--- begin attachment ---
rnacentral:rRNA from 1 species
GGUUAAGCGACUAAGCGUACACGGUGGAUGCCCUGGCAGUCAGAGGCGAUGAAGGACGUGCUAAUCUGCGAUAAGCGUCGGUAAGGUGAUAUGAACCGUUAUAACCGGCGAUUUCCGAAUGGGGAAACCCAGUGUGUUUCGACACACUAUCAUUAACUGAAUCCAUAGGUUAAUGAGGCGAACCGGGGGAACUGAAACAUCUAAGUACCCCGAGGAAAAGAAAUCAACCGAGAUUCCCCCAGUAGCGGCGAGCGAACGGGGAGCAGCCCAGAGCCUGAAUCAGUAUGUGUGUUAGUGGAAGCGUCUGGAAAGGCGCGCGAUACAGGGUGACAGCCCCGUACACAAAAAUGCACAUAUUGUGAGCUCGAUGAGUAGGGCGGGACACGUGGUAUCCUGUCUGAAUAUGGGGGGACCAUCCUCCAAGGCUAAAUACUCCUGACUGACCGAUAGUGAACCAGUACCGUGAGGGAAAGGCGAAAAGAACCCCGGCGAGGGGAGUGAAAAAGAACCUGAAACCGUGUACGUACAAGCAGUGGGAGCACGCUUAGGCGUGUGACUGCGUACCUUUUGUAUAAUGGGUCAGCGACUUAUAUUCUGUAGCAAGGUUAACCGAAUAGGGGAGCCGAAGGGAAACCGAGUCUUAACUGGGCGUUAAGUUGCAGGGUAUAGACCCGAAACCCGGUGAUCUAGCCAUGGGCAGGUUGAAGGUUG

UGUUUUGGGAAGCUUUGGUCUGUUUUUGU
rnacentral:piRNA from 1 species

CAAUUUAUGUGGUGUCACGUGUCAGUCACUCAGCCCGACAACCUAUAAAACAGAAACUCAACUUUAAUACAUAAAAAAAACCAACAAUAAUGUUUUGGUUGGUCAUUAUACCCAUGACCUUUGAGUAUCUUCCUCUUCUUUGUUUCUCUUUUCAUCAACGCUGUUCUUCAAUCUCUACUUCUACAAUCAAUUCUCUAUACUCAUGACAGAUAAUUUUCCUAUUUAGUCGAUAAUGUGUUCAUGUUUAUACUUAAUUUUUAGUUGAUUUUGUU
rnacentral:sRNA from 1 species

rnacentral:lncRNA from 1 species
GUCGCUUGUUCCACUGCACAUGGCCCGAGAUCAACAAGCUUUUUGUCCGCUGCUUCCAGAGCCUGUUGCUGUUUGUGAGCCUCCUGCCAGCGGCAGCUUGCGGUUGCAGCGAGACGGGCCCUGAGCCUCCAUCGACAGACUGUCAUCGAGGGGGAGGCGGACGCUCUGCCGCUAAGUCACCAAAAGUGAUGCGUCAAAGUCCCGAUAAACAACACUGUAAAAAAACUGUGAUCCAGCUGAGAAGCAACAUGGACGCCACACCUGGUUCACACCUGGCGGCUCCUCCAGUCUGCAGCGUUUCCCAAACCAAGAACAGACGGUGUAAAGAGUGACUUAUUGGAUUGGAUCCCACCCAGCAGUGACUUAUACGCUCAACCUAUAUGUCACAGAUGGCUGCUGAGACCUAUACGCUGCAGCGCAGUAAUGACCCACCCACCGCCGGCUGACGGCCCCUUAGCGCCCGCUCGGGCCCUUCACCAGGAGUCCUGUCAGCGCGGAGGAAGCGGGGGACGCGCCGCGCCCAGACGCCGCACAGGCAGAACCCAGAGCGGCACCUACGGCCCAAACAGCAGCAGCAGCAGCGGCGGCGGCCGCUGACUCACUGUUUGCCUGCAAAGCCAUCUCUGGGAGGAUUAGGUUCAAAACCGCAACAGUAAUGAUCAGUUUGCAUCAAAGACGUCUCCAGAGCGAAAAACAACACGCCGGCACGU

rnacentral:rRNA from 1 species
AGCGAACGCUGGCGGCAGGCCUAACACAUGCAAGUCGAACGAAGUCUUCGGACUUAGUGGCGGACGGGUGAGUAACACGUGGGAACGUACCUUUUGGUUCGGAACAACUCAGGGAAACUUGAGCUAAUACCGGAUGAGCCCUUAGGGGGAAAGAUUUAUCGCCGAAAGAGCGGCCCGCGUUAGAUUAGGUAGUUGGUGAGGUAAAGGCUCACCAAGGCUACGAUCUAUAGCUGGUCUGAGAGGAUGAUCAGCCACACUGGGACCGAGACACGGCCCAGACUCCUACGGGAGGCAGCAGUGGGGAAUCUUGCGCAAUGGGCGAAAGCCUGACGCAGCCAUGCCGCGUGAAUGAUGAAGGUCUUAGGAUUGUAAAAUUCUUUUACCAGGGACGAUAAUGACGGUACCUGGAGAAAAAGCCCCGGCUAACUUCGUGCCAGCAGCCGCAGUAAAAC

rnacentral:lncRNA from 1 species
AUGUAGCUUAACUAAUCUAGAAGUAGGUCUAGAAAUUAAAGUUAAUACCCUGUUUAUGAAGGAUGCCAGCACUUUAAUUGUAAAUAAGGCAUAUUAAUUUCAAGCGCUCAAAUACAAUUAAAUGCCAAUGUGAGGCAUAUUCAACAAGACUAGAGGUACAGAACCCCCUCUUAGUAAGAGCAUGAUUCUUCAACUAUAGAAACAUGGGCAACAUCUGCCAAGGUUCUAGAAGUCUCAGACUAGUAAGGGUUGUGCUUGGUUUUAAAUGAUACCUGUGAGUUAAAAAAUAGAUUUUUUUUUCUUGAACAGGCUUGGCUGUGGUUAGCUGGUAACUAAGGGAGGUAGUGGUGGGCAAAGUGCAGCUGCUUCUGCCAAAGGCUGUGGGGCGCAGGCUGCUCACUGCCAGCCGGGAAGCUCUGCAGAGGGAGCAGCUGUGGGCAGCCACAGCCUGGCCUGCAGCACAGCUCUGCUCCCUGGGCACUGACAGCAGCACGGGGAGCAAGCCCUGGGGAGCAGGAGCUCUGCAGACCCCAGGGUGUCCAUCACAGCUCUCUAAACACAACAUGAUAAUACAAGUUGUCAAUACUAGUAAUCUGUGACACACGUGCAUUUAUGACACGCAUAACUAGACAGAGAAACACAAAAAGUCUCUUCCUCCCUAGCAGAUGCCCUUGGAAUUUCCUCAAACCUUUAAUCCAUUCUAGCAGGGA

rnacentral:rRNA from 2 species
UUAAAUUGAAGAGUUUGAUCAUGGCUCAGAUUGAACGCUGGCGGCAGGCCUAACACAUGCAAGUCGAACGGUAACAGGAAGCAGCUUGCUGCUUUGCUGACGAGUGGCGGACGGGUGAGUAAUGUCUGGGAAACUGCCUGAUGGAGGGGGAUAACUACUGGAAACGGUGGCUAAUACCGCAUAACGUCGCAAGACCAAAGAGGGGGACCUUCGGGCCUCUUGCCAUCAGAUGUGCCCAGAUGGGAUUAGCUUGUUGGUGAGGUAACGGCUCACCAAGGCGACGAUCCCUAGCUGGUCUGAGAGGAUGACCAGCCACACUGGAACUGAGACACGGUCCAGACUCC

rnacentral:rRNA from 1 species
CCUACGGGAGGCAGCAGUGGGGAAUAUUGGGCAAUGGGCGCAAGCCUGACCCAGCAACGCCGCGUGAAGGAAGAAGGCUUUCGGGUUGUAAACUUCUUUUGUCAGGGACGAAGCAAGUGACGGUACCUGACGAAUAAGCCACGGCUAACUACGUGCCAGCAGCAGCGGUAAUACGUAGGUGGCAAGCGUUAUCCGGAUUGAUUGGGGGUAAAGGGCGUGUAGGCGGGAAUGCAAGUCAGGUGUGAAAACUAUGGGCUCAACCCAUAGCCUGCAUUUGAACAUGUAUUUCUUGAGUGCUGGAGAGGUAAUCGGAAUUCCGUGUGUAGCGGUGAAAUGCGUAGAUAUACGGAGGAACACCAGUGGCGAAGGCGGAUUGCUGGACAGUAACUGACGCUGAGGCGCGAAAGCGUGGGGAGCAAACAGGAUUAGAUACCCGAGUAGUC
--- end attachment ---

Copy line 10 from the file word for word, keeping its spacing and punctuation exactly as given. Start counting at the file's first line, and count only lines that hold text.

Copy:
AGCGAACGCUGGCGGCAGGCCUAACACAUGCAAGUCGAACGAAGUCUUCGGACUUAGUGGCGGACGGGUGAGUAACACGUGGGAACGUACCUUUUGGUUCGGAACAACUCAGGGAAACUUGAGCUAAUACCGGAUGAGCCCUUAGGGGGAAAGAUUUAUCGCCGAAAGAGCGGCCCGCGUUAGAUUAGGUAGUUGGUGAGGUAAAGGCUCACCAAGGCUACGAUCUAUAGCUGGUCUGAGAGGAUGAUCAGCCACACUGGGACCGAGACACGGCCCAGACUCCUACGGGAGGCAGCAGUGGGGAAUCUUGCGCAAUGGGCGAAAGCCUGACGCAGCCAUGCCGCGUGAAUGAUGAAGGUCUUAGGAUUGUAAAAUUCUUUUACCAGGGACGAUAAUGACGGUACCUGGAGAAAAAGCCCCGGCUAACUUCGUGCCAGCAGCCGCAGUAAAAC